Darwin Volcano Giant-Tortoise

Reptiles of Ecuador | Testudines | Testudinidae | Chelonoidis microphyes

Spanish common names: Galápago del Volcán Darwin, tortuga gigante del Volcán Darwin.

Recognition: ♂♂ 135 cm ♀♀ 86 cm. Chelonoidis microphyes is a giant tortoise having a domed carapace form. It is the only species of giant tortoise known to naturally occur on and along the slopes of Darwin Volcano on northern Isabela Island.

Natural history: Locally common. Chelonoidis microphyes is a diurnal and terrestrial tortoise that inhabits evergreen forests, deciduous forests, and dry grasslands.1 Darwin Volcano Giant-Tortoises move mostly early in the morning and late in the afternoon and spend the hot afternoon hours in the shade.2 After heavy rains, individuals of C. microphyes wallow in muddy pools.2 At night, they sleep under shrubs.3 During the dry season, Darwin Volcano Giant-Tortoises feed mostly on cacti.2 During the rainy season, they feed primarily on grasses, leaves of trees, berries, and lichens.2,4 Males of C. microphyes fight with each other using a combination of biting, gaping, pushing, and extending their necks.5 When mating, the tortoises produce resounding guttural sounds. Females begin nesting in May–June at the end of the rainy season.2 Adults of C. microphyes are seasonally migratory.2,6 From the rim of Darwin Volcano's caldera, they descend to the grass covered slopes to exploit new vegetation after the rains.2,6

Conservation: Endangered.7 Chelonoidis microphyes is listed in this category because nearly 94% of its population disappeared in the last 180 years.7 Today, it is estimated that 500–1,000 Darwin Volcano Giant-Tortoises remain,8 but whether these numbers are increasing is unknown. Causes of the population decline include direct harvesting for food and oil by sailors and oilers, and the introduction of exotic species (including dogs, cats, goats, pigs, and rodents), which either prey on tortoise eggs and hatchlings or destroy their habitat.7,9 Another threat faced by C. microphyes is volcanic eruptions, which, in addition to directly causing mortality, destroy and fragment tortoise habitat and disrupt migratory routes.7

Distribution: Chelonoidis microphyes is endemic to an estimated 67 km2 area on the southwestern slope of Darwin Volcano. Galápagos, Ecuador.

Distribution of Chelonoidis microphyes Distribution of Chelonoidis microphyes in western Galápagos

Etymology: The generic name Chelonoidis comes from the Greek word chelone (meaning “tortoise”).10 The specific epithet microphyes, which comes from the Greek words mikros (meaning “small”) and phyes (meaning “fully-grown”),10 refers to the holotype (the single specimen upon which the original description of the species was based), which had a carapace length of only 57.2 cm and which Albert Günther believed was a fully grown male.11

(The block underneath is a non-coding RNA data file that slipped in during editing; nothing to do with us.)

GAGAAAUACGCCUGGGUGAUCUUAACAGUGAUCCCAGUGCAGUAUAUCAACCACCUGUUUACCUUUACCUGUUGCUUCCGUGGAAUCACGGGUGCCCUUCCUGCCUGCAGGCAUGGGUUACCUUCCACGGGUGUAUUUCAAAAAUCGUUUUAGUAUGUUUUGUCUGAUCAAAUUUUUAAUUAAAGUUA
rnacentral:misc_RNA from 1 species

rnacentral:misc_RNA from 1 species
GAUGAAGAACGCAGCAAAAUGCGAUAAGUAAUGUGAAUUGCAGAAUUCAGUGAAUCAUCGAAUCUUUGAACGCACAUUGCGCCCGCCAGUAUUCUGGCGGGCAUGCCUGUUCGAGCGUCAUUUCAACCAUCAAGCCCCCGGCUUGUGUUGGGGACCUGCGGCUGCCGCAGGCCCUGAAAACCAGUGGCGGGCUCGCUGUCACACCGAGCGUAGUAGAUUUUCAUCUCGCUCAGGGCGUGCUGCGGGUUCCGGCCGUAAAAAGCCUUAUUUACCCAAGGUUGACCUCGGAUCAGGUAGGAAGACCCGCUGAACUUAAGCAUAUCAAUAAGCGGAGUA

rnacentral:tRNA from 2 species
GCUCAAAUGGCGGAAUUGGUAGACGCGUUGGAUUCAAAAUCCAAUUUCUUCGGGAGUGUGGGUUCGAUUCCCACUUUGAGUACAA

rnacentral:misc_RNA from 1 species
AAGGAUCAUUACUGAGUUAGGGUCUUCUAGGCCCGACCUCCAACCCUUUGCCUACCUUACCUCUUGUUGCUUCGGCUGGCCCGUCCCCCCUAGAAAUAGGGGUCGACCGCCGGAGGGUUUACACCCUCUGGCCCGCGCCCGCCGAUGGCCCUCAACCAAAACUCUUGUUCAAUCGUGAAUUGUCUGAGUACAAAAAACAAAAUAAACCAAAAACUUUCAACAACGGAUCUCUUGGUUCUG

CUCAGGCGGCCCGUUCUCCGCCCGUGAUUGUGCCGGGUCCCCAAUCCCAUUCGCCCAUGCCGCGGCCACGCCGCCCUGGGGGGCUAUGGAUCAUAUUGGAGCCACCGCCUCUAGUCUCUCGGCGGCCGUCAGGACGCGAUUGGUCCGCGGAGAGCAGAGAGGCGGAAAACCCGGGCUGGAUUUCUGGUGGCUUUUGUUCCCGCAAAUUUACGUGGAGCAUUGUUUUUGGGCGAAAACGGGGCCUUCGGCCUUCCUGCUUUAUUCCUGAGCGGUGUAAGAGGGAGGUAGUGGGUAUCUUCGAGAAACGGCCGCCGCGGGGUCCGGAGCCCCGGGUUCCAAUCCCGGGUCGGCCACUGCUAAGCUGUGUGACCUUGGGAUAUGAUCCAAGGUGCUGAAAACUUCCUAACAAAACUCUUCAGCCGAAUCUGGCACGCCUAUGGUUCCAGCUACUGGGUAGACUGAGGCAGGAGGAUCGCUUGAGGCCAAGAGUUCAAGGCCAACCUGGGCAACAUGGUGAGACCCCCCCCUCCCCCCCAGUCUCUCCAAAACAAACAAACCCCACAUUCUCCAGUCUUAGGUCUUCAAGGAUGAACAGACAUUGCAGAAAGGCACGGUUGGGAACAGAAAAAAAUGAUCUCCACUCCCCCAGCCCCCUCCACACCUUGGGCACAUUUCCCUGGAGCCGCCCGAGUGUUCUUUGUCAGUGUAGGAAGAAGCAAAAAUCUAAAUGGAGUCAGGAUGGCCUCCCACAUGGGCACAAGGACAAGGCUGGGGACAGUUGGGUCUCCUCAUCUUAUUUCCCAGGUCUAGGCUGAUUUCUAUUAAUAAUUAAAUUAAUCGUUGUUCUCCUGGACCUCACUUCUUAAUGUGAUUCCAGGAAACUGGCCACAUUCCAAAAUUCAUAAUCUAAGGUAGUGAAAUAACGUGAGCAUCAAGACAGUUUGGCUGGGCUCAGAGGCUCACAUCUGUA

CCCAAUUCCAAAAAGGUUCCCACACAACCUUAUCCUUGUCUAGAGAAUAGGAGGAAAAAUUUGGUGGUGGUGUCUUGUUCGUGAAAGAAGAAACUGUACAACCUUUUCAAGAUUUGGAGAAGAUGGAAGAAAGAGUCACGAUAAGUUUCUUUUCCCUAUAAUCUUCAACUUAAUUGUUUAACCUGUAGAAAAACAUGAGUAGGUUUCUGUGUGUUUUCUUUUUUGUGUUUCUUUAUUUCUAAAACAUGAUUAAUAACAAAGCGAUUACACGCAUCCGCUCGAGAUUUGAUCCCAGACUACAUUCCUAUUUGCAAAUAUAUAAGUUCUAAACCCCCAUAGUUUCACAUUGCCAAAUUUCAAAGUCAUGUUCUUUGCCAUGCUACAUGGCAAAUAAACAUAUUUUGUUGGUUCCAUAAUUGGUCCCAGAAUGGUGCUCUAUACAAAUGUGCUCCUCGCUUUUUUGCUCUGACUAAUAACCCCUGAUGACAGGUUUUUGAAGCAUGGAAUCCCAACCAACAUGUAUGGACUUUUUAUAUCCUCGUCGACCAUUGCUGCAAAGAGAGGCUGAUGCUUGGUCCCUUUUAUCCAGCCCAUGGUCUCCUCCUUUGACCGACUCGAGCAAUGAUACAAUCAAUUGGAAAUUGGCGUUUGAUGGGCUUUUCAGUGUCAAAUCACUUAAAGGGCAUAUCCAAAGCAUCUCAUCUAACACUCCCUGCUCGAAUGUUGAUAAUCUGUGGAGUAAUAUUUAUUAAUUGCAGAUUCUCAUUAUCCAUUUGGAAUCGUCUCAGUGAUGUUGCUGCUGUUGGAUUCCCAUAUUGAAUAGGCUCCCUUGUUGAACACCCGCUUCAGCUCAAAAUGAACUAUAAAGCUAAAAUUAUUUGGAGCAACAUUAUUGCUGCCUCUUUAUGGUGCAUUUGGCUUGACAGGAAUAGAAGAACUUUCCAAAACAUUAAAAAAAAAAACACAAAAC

See it in the wild: Individuals of Chelonoidis microphyes can be seen with ~20% certainty at Tagus Cove, a tourism site near the base of Darwin Volcano on Isabela Island.

Authors: Alejandro ArteagaaAffiliation: Biodiversity Field Lab, Khamai Foundation, Quito, Ecuador. and Juan M GuayasaminbAffiliation: Laboratorio de Biología Evolutiva, Universidad San Francisco de Quito (USFQ), Quito, Ecuador.,cAffiliation: Galapagos Science Center, Galápagos, Ecuador.,dAffiliation: Centro de Investigación de la Biodiversidad y Cambio Climático, Universidad Tecnológica Indoamérica, Quito, Ecuador.

Academic reviewers: Adalgisa Caccone.

Photographers: Jose VieiraaAffiliation: Tropical Herping (TH), Quito, Ecuador.,eAffiliation: ExSitu, Quito, Ecuador.

How to cite? Arteaga A, Guayasamin JM (2020) Chelonoidis microphyes. In: Arteaga A, Bustamante L, Vieira J, Guayasamin JM (Eds) Reptiles of Ecuador: Life in the middle of the world. Available from: www.reptilesofecuador.com

Literature cited:

  1. Field notes, Reptiles of Ecuador book project.
  2. Heller E (1903) Papers from the Hopkins-Stanford Galápagos Expedition, 1898-1899. XIV. Reptiles. Proceedings of the Washington Academy of Sciences 5:39–98.
  3. Field notes of Washington Tapia.
  4. Slevin JR (1935) An account of the reptiles inhabiting the Galápagos Islands. Bulletin of the New York Zoological Society 38: 3–24.
  5. Schafer SF, Krekorian CO (1983) Agonistic behavior of the Galápagos tortoise, Geochelone elephantopus, with emphasis on its relationship to saddle-backed shell shape. Herpetologica 39: 448–456.
  6. Pritchard PCH (1996) The Galápagos tortoises. Nomenclatural and survival status. Chelonian Research Monographs 1: 1–85.
  7. Cayot LJ, Gibbs JP, Tapia W, Caccone A (2018) Chelonoidis microphyes. The IUCN red list of threatened species. Available from: www.iucnredlist.org
  8. MacFarland CG, Villa J, Toro B (1974) The Galápagos giant tortoises (Geochelone elephantopus). Part II: Conservation methods. Biological Conservation 6: 198–212.
  9. Swingland IR (1989) Geochelone elephantopus. Galápagos giant tortoises. In: Swingland IR, Klemens MW (Eds) The conservation biology of tortoises. Occasional Papers of the IUCN Species Survival Commission (SSC), Gland, 24–28.
  10. Brown RW (1956) Composition of scientific words. Smithsonian Books, Washington, 882 pp.
  11. Günther A (1875) Description of the living and extinct races of gigantic land-tortoises. Philosophical Transactions of the Royal Society B 165: 251–284.